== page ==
Distilled Grappa di Amarone: a prestigious distillate for connoisseurs
Amarone grappa is a distillate of marc (i.e. what remains of a grape, only the pulp is removed) made from grapes produced, vinified and distilled exclusively in Italy. Grappa is a very ancient alcoholic. There are three different types of pomace with which grappa can be distilled:
Fermented pomace is obtained from the racking of red wines (an operation through which the wine is removed from the lees after the fermentation procedure). The semi-virgin pomace instead is obtained in the vinification of rosé, or from the pomace of sweet wines. Finally, the virgin pomace is those obtained from the operation of draining in white vinification, which consists in the separation of the must from the solid parts, carried out by means of an instrument called a drainer. In the latter case, the marc does not undergo significant fermentation.
Since grappa is obtained only from fermented marc, virgin and semi-virgin grapes must therefore first undergo the fermentation process.
The term grappa is the exclusive prerogative of the Italian territory. Indeed, EU law has established that the name “grappa” is synonymous with a protected geographical indication of the member state of Italy only. It is therefore not a generic terminology, but it is in effect a protected denomination. No other country can use this designation.
The classification of grappa
A lot of pomace was fermented before reaching the first Amarone grappa. In fact, grappa is an alcoholic drink with very ancient origins. The first distillation methods date back to the 7th and 6th centuries BC. in Mesopotamia. Initially they were methods applied to the preparation of brandy (a distillate of must, not to be confused with grappa), but also the methodologies of distillation of marc have very, very remote historical origins.
Grappas can be distinguished on the basis of distilled pomace:
single-variety – obtained from a single variety of marc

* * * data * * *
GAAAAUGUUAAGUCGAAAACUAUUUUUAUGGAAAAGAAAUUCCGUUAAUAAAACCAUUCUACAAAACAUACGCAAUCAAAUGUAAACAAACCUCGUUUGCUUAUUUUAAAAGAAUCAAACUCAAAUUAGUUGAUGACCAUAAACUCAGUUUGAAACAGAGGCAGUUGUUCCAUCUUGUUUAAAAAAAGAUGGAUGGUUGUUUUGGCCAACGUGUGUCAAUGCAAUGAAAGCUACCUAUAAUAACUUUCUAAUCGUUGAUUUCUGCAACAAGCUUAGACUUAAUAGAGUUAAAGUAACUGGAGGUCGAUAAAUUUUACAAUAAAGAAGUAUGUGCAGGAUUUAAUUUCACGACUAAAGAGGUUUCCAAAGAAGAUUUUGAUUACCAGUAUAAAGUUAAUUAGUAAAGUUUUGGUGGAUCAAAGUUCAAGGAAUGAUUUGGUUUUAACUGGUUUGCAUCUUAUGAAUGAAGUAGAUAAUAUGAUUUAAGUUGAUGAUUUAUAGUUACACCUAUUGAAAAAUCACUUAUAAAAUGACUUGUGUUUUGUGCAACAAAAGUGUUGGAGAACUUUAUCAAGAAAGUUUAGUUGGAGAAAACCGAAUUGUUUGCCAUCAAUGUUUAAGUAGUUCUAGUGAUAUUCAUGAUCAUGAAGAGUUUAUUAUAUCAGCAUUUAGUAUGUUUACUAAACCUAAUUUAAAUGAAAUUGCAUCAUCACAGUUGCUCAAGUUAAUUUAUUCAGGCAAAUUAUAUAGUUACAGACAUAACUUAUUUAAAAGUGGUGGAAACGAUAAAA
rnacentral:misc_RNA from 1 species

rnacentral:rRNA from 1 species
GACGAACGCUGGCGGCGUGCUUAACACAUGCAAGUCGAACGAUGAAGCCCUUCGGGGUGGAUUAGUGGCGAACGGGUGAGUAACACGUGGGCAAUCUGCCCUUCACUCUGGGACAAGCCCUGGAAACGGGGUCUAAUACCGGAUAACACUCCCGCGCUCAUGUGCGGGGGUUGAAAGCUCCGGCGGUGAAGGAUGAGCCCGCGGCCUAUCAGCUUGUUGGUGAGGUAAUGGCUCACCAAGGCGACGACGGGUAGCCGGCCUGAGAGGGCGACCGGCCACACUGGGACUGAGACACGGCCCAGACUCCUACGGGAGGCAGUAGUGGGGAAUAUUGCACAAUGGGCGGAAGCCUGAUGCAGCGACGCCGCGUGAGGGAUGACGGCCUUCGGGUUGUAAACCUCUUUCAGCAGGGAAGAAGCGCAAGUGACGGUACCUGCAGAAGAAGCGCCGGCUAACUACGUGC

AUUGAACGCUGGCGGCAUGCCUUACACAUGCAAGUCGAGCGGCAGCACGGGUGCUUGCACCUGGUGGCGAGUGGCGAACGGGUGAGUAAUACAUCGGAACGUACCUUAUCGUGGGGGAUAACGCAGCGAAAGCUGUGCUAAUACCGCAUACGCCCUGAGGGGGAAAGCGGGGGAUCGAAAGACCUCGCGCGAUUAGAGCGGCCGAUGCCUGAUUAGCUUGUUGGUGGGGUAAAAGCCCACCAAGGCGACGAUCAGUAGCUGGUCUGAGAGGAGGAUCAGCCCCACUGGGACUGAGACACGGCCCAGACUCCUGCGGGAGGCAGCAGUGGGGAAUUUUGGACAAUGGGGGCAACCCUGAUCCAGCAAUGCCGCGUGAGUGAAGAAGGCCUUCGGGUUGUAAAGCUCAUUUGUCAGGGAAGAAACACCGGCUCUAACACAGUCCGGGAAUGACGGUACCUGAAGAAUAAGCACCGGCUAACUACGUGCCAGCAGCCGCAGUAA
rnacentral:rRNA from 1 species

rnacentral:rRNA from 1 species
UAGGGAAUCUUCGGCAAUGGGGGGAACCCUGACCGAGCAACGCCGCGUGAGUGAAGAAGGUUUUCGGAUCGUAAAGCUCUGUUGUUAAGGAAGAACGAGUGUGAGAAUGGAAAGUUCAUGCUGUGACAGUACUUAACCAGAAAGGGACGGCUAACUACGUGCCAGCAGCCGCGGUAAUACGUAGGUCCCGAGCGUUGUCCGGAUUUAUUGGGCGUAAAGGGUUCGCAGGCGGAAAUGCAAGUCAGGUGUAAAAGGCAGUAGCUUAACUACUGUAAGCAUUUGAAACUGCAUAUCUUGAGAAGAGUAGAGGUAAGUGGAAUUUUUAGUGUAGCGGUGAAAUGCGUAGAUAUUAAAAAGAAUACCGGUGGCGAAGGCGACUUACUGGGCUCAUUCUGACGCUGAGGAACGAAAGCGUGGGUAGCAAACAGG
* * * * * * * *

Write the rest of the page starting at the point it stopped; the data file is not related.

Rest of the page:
multivitigno – obtained from different percentages of different grape varieties.
Grappa is also classified according to the various processes and refinement following distillation. Grappas are classified as:
aged or extra aged reserve
What mainly characterizes them is the method and the shelf life. Young grappa, for example, is stored in inert containers, such as glass and steel, until the moment of sale. The aromatic grappa instead derives from particular aromatic grapes, while the aged one is left to mature in wooden barrels for at least 12 months. The aged reserve, also called extra-aged, has an even longer maturation that lasts at least 18 months, always in wooden barrels. Finally, the flavored is obtained by adding natural flavors such as, for example, herbs, roots, or fruits.
Classifications can coexist. This means that a young grappa can be flavored at the same time.
Amarone grappa is a prestigious grappa and the fermentation of the pomace gives life to a unique product of its kind. In fact, grappa can be obtained from the various production phases:
Grappa of Amarone Bianca
Prestigious distillate has a transparent, almost crystalline color. It is bottled immediately after the fermentation of the marc and has a very strong structure and taste. The alcohol content reaches 43 °. Excellent alone, you can use it as a concealer in coffee.
Also known as Grappa Barrique, it is one of the most amazing white Amarone grappa aged two years in oak barrels. The barrique is a small wooden barrel with a capacity of between 225 and 228 liters, which is used for the refinement of white and red wines. Aging gives the grappa a golden color and a soft and round flavor.
The top Amarone grappa obtained from Forlago pomace. Only the best vintages are transformed into Forlago grappa aged for over six years in French oak barrels. A long and slow aging that makes it soft and round, a grappa for connoisseurs.